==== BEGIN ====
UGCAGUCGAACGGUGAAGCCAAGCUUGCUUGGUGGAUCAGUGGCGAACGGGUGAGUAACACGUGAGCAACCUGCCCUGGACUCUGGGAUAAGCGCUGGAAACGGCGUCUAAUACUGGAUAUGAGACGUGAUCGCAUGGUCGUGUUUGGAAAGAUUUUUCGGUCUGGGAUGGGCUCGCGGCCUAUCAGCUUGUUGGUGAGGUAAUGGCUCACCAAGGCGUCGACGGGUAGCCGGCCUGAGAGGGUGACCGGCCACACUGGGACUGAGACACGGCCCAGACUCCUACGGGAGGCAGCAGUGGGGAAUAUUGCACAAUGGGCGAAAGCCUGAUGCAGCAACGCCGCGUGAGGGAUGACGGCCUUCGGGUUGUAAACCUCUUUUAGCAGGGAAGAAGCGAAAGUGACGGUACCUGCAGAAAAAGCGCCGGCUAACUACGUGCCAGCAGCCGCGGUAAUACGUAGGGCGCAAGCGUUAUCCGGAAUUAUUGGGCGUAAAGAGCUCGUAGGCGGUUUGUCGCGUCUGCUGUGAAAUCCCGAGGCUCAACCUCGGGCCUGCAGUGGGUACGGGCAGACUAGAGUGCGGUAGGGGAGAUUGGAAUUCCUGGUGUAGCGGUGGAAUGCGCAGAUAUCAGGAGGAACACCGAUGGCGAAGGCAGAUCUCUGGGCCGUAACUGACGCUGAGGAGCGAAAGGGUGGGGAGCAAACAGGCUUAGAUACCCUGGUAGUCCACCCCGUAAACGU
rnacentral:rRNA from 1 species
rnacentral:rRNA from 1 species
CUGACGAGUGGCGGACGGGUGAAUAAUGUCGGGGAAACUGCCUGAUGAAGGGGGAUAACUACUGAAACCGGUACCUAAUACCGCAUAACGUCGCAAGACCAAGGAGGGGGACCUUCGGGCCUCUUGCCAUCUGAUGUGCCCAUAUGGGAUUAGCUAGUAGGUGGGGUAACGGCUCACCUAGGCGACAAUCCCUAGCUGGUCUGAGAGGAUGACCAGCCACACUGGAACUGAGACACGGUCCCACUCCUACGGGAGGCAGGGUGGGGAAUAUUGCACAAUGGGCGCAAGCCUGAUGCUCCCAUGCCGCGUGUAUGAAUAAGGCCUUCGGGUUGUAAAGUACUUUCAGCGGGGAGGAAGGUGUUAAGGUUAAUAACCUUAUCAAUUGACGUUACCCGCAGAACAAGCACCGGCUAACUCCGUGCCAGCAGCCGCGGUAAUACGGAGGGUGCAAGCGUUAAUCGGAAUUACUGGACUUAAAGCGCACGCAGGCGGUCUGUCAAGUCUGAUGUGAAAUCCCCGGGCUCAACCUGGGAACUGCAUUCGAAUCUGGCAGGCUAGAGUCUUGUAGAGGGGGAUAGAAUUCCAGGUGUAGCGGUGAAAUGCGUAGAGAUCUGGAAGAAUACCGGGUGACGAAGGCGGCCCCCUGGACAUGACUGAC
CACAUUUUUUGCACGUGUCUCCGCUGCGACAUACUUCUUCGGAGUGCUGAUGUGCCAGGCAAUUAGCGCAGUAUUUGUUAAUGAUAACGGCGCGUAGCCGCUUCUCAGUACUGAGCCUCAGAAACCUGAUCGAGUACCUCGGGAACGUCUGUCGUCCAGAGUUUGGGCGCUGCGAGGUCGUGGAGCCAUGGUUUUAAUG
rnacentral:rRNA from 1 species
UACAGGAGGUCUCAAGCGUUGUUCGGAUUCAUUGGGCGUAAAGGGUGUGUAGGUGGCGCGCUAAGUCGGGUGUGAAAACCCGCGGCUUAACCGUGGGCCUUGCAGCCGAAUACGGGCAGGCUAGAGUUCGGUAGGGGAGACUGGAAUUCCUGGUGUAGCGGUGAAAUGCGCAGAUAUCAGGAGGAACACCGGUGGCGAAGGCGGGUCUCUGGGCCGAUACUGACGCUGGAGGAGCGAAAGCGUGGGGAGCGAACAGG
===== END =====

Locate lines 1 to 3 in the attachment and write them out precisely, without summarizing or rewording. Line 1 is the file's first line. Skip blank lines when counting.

UGCAGUCGAACGGUGAAGCCAAGCUUGCUUGGUGGAUCAGUGGCGAACGGGUGAGUAACACGUGAGCAACCUGCCCUGGACUCUGGGAUAAGCGCUGGAAACGGCGUCUAAUACUGGAUAUGAGACGUGAUCGCAUGGUCGUGUUUGGAAAGAUUUUUCGGUCUGGGAUGGGCUCGCGGCCUAUCAGCUUGUUGGUGAGGUAAUGGCUCACCAAGGCGUCGACGGGUAGCCGGCCUGAGAGGGUGACCGGCCACACUGGGACUGAGACACGGCCCAGACUCCUACGGGAGGCAGCAGUGGGGAAUAUUGCACAAUGGGCGAAAGCCUGAUGCAGCAACGCCGCGUGAGGGAUGACGGCCUUCGGGUUGUAAACCUCUUUUAGCAGGGAAGAAGCGAAAGUGACGGUACCUGCAGAAAAAGCGCCGGCUAACUACGUGCCAGCAGCCGCGGUAAUACGUAGGGCGCAAGCGUUAUCCGGAAUUAUUGGGCGUAAAGAGCUCGUAGGCGGUUUGUCGCGUCUGCUGUGAAAUCCCGAGGCUCAACCUCGGGCCUGCAGUGGGUACGGGCAGACUAGAGUGCGGUAGGGGAGAUUGGAAUUCCUGGUGUAGCGGUGGAAUGCGCAGAUAUCAGGAGGAACACCGAUGGCGAAGGCAGAUCUCUGGGCCGUAACUGACGCUGAGGAGCGAAAGGGUGGGGAGCAAACAGGCUUAGAUACCCUGGUAGUCCACCCCGUAAACGU
rnacentral:rRNA from 1 species
rnacentral:rRNA from 1 species